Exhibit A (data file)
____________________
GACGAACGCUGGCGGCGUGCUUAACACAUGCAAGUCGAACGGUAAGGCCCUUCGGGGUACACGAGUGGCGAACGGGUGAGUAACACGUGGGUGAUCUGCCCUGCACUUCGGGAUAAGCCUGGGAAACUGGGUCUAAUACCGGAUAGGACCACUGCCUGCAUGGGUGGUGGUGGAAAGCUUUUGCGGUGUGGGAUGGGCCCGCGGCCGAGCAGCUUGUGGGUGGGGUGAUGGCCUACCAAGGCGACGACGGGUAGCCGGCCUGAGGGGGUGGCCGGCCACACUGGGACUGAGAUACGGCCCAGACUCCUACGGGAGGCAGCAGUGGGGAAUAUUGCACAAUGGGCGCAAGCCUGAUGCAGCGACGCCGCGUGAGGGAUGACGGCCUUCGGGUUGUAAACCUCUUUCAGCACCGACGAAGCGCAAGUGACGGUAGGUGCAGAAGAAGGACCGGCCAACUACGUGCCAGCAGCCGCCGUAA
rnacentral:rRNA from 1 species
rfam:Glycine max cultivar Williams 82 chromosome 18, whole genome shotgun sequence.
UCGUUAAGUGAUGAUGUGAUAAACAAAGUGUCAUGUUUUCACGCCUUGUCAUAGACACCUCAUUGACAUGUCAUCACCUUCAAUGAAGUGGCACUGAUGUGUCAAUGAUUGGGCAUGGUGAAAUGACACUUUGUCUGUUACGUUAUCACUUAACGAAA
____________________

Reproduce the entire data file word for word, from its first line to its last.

GACGAACGCUGGCGGCGUGCUUAACACAUGCAAGUCGAACGGUAAGGCCCUUCGGGGUACACGAGUGGCGAACGGGUGAGUAACACGUGGGUGAUCUGCCCUGCACUUCGGGAUAAGCCUGGGAAACUGGGUCUAAUACCGGAUAGGACCACUGCCUGCAUGGGUGGUGGUGGAAAGCUUUUGCGGUGUGGGAUGGGCCCGCGGCCGAGCAGCUUGUGGGUGGGGUGAUGGCCUACCAAGGCGACGACGGGUAGCCGGCCUGAGGGGGUGGCCGGCCACACUGGGACUGAGAUACGGCCCAGACUCCUACGGGAGGCAGCAGUGGGGAAUAUUGCACAAUGGGCGCAAGCCUGAUGCAGCGACGCCGCGUGAGGGAUGACGGCCUUCGGGUUGUAAACCUCUUUCAGCACCGACGAAGCGCAAGUGACGGUAGGUGCAGAAGAAGGACCGGCCAACUACGUGCCAGCAGCCGCCGUAA
rnacentral:rRNA from 1 species
rfam:Glycine max cultivar Williams 82 chromosome 18, whole genome shotgun sequence.
UCGUUAAGUGAUGAUGUGAUAAACAAAGUGUCAUGUUUUCACGCCUUGUCAUAGACACCUCAUUGACAUGUCAUCACCUUCAAUGAAGUGGCACUGAUGUGUCAAUGAUUGGGCAUGGUGAAAUGACACUUUGUCUGUUACGUUAUCACUUAACGAAA